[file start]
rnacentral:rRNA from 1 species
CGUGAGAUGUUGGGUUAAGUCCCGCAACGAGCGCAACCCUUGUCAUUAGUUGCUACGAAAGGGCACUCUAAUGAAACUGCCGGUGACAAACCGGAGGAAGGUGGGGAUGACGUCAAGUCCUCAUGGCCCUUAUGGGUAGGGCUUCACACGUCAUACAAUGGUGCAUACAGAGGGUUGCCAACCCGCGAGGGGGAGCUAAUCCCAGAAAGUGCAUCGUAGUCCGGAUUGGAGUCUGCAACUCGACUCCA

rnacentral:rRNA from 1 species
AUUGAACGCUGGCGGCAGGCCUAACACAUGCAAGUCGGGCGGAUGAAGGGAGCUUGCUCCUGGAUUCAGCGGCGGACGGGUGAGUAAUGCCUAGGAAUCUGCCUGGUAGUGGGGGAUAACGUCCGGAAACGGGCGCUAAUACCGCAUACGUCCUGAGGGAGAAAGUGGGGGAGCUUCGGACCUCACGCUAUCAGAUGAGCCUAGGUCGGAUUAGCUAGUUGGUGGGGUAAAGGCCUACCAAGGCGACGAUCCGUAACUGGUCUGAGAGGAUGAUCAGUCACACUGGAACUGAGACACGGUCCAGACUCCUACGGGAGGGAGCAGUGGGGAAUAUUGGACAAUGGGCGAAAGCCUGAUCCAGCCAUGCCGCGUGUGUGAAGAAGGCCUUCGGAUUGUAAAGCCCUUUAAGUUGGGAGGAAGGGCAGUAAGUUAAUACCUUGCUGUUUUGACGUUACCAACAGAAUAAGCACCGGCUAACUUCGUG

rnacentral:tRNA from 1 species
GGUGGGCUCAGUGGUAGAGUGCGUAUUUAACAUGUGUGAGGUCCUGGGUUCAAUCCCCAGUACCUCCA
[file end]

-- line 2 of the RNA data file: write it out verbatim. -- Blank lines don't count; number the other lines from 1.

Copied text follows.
CGUGAGAUGUUGGGUUAAGUCCCGCAACGAGCGCAACCCUUGUCAUUAGUUGCUACGAAAGGGCACUCUAAUGAAACUGCCGGUGACAAACCGGAGGAAGGUGGGGAUGACGUCAAGUCCUCAUGGCCCUUAUGGGUAGGGCUUCACACGUCAUACAAUGGUGCAUACAGAGGGUUGCCAACCCGCGAGGGGGAGCUAAUCCCAGAAAGUGCAUCGUAGUCCGGAUUGGAGUCUGCAACUCGACUCCA